Follow This Blog: RSS feed
Good Comics For Kids
Inside Good Comics For Kids

Review: ‘Disney Don Quixote’

Disney Don Quixote
Writer: Fausto Vitaliano
Artist: Claudio Sciarrone
Dark Horse Books; $10.99
Ages 8 and up

Disney Don Quixote is part of a new line of classic literature adaptations featuring Disney stars in the lead roles, originally created by European cartoonists, and newly translated and repackaged for North American audiences by Dark Horse. This latest installment follows Disney Treasure Island starring Mickey Mouse, while Hamlet and Frankenstein starring Donald Duck and Dracula starring Mickey Mouse are all in the pipeline.

It’s not quite as straightforward as, say, casting Mickey, Goofy, and friends as if they were actors playing the parts in a mostly faithful adaptation, tweaked to include jokes, parody, character-specific gags, and child-friendly narrative shortcuts, as in the 1983 animated offering Mickey’s Christmas Carol, a pretty good go-to of a Disney cartoon characters/classic literature mash-up.

And so Goofy does not play Alonso Quixano/Don Quixote and Mickey does not play Sancho Panza, but rather they play new and different versions of Goofy and Mickey, who experience a plot not completely unlike the one that the characters in Miguel de Cervantes’ 16th century novel did, making for an even more complicated adaptation of what would have been a pretty complicated adaptation regardless.

The book is set in Ciudad de Esmeralda, where Goofy and Mickey own and operate Historia y Historietas, “the first comic store in the whole country!” While Mickey is enamored with the books and their heroes and stories, Goofy only cares about the business side of the comic book retail business (“I might not be a fan of comics, but I’m very happy when we sell so many!” he says to Mickey as they knock off for lunch). Eventually Mickey finds a comic book that Goofy is willing to try reading, Don Alonso De Gascuna y Aragon, about a medieval knight who protects the world from terrible giants. In this adaptation, then, comic books replace the chivalric romances that Cervantes’ Alonso Quixano was so enamored of that he eventually began imitating them.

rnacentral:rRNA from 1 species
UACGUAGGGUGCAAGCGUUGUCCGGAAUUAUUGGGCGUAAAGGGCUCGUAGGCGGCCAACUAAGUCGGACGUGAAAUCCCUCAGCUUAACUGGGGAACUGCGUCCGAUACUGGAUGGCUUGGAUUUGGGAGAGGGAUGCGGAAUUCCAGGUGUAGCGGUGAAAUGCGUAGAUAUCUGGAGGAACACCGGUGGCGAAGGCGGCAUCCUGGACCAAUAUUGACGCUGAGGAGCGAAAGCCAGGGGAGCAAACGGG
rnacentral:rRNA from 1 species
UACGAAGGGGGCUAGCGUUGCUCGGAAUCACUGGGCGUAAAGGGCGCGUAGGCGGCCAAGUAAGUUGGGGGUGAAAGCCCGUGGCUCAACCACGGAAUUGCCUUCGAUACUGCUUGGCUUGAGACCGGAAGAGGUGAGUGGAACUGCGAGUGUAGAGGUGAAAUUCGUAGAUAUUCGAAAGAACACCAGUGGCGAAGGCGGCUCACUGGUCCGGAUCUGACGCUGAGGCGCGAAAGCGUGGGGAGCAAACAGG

A crate of unsold copies of the book fall atop Goofy’s head, and when he stands up he starts calling Mickey Mouse “Sancho Mouse” and refers to himself as “Don Goofote of Castilla”. At the recommendation of a doctor, Mickey plays along with Goofy’s blow-to-the-head-induced delusions so as not to further hurt his friend’s mental state, and some of the best known scenes of Cervantes’ Don Quixote are kinda sorta recreated in a modern setting.

The pair take off on Goofy’s motorcycle with a sidecar, which Don Goofote now believes to be a valiant steed. They visit Clarabelle’s restaurant and an amusement park, which take the place of the inn. They fight windmills, but these are the sleek, white, modern ones that harness wind power for electricity. And so on.

The goings-on in Goofy’s imagination are rendered in black and white linework atop sepia-toned pages, and these more or less resemble a more “straight” adaptation of Don Quixote, with our two heroes looking as they do on the cover, while much of the rest of the comic is fully colored. There’s an additional trick when we see the pages of comics that Mickey or Goofy read, as these are colored so as to imitate the coloring techniques of classic comic books.

While Goofy drifts in and out of his imagination, real danger rears its head in their real world, and it is more akin to something out of comic books. Pete is the bullying lawman of our heroes’ small town, in the employ of a governor who turns out to be…a space alien bent on world conquest. The would-be conqueror has the ability to turn windmills into real giants, among other forms of high-tech weaponry. It will take the courage of a comic book store owner who thinks he’s a knight–plus a couple of two-by-fours–to save the world.

Some of the basic themes of the original are there, but the effort put into making the story modern seems to displace pages that might otherwise have been devoted to telling more of the story, or telling it better. The result is that this isn’t so much an issue of Classics Illustrated drawn in Disney comics style with Mickey and the gang in the starring roles as it is an original Disney story quite heavily inspired by the classic.

It is quite well made though, and in reformatting it to a digest-sized, kid-friendly trade paperback, Dark Horse certainly seems to be meeting the expectations of young U.S. comics readers. (With a couple of mid-story recaps, it’s pretty clear the narrative was originally intended to be serialized.) It is also, at the very least, an introduction to the the work that inspired it–Don Quixote is never really explained or summarized, but there’s a nice, concise biography of Miguel de Cervantes on the last page–and that’s certainly not a bad thing for young readers to have available to them.

J. Caleb Mozzocco About J. Caleb Mozzocco

J. Caleb Mozzocco is a way-too-busy freelance writer who has written about comics for online and print venues for a rather long time now. He currently contributes to Comic Book Resources' Robot 6 blog and ComicsAlliance, and maintains his own daily-ish blog at He lives in northeast Ohio, where he works as a circulation clerk at a public library by day.

Speak Your Mind